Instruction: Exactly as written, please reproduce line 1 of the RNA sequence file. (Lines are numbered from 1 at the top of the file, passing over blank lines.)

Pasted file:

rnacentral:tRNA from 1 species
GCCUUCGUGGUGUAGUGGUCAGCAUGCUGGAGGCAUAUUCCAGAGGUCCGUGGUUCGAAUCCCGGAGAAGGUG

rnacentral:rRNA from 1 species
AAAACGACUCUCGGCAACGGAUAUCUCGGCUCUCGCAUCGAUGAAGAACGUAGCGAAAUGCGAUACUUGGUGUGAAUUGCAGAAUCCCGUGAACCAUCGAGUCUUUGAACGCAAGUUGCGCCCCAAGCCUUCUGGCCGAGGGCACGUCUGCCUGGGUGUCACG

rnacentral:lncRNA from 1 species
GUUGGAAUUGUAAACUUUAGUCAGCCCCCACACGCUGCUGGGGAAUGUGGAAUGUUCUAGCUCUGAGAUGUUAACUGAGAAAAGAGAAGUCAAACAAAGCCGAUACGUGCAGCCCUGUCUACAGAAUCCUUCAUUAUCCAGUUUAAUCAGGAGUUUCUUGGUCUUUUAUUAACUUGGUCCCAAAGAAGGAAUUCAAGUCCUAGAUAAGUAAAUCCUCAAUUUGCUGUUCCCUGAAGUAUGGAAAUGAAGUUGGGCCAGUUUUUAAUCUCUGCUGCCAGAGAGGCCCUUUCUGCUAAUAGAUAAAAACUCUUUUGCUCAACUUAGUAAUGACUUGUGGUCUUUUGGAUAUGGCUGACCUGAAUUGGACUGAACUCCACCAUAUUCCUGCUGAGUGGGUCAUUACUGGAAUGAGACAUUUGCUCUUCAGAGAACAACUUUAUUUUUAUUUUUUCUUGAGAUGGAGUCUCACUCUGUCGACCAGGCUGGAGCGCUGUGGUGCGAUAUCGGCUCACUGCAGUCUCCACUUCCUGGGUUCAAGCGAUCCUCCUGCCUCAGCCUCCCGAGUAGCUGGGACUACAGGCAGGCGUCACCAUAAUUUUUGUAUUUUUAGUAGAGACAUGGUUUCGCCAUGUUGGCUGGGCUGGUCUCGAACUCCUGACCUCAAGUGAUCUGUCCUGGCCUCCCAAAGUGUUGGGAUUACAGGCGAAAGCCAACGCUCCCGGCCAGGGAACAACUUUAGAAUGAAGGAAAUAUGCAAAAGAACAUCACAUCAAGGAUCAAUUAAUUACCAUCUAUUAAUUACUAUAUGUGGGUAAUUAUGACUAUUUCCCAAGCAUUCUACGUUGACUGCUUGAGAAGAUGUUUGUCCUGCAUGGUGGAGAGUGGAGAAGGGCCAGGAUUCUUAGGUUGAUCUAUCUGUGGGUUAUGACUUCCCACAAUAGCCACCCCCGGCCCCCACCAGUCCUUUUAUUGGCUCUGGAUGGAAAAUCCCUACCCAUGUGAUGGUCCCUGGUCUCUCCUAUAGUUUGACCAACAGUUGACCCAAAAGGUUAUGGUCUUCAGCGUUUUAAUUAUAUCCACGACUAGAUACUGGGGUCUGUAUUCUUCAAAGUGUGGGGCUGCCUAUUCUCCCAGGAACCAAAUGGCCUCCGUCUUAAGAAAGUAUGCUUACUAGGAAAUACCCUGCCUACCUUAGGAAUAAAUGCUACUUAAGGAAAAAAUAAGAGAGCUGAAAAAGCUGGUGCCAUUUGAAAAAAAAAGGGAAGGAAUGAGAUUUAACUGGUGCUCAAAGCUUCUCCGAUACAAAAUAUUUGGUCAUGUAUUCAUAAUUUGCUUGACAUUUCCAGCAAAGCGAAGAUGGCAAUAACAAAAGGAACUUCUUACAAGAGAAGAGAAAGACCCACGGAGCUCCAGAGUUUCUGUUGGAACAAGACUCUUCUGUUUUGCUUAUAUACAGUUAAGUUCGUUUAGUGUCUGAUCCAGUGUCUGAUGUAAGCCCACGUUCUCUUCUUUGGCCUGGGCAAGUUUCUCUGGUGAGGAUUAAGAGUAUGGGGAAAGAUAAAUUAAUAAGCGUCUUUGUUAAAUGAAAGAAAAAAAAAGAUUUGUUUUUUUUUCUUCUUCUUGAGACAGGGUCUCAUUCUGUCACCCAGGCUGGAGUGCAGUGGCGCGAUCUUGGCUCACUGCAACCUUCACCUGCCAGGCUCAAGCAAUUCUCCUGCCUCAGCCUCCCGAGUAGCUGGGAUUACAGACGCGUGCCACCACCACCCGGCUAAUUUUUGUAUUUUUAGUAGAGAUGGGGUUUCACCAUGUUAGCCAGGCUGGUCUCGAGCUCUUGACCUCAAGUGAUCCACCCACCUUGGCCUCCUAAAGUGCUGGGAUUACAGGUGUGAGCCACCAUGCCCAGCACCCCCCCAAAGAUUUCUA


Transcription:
rnacentral:tRNA from 1 species